they came, they partied
A‘squeal’ of noisy, excited seven-yearolds has formed a squirmy line beside me. It’s our granddaughter’s birthday and Audrey has given me the job of painting her friends’ fingernails.
Tiny bottles of pink, purple, green, turquoise and glow-in-the-dark red nail polish are lined up on the table.
“One red finger, one purple finger, one pink finger, one green finger and one blue finger please,” said my first customer.
It’s like being in a Broadway production of Little Orphan Annie. Little girls, little girls everywhere! Little girls in the cubby house, little girls jumping on the trampoline, little girls playing ‘chasies’ in the garden, little girls sneakily dipping fingers into the thick pink icing on the giant birthday cupcake.
I see old-fashioned birthday games are still going strong. They’re playing ‘Where’s your room so we can mess it up’, ‘Pass the Parcel R-E-A-L-L-Y slowly’ and that old favourite, ‘Let’s jump on your mum and dad’s bed until someone really gets hurt!’
The McDermotts are merry-makers. Few life events get past us without a slap-up party. A kind person once described our gatherings as “lively”. A neighbour said they were badly organised riots.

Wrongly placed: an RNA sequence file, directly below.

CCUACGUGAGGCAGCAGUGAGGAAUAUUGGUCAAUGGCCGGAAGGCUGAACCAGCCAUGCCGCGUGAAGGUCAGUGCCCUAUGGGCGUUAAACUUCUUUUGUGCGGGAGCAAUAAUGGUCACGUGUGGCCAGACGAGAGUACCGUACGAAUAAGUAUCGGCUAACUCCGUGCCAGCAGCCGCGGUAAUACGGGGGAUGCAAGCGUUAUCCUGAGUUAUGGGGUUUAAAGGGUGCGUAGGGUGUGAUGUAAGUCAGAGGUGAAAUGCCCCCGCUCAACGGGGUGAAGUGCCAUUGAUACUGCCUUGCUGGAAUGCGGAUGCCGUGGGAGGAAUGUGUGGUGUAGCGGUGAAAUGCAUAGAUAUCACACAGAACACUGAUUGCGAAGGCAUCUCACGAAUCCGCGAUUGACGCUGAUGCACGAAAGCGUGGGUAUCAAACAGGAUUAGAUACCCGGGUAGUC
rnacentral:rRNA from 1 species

But by the time Ruff Red (the last of our five kids) was in his late teens the MOTH (Man Of The House) and I believed we’d nailed the partyplanning thing. People said we were legends. Our kids said we were crabby worrywarts quibbling over the cost of kegs and security guards. I was the only mother they knew with the police on speed dial.
At one of Ruff Red’s last ‘gatherings’ (that’s what you call 300 people running amok in the back garden) the rain was torrential and the marquee collapsed but everybody kept dancing and shouting into their mobile phones.
“They’re telling more people where we live,” the MOTH said grimly.
The amateur sound system blew the house lights. The party roared on in the dark. The police duly arrived and took cover in the family room with the rest of us. We peered through the windows at what looked like the seventh circle of hell.
“They are having so much fun,” one copper sighed enviously.
A few years and 15 parties later, we moved house. Our neighbours formed a guard of honour down the driveway. It was such a lovely gesture. I remember giving an embarrassed royal wave.
“They just want to be sure we’re really leaving and taking the kids with us!” said the MOTH, waving out his side.
This year I made some New Year’s resolutions and hope to keep one or two for at least a month.
1. Walk for an hour every morning. Buy a croissant and coffee to offset possible weight loss.
2. Ditch my oversized handbag.
I don’t need to take a cut lunch, an umbrella and my last will and testament everywhere I go.
3. Make sure everybody in the family is happy all the time. It’s the least
I can do.
4. Learn to dance before it’s too late. The MOTH says four resolutions are too many. Last year he made only two – to drink better wine and go to the gym.
“I kept both,” he says proudly. “Except the one about the gym.” AWW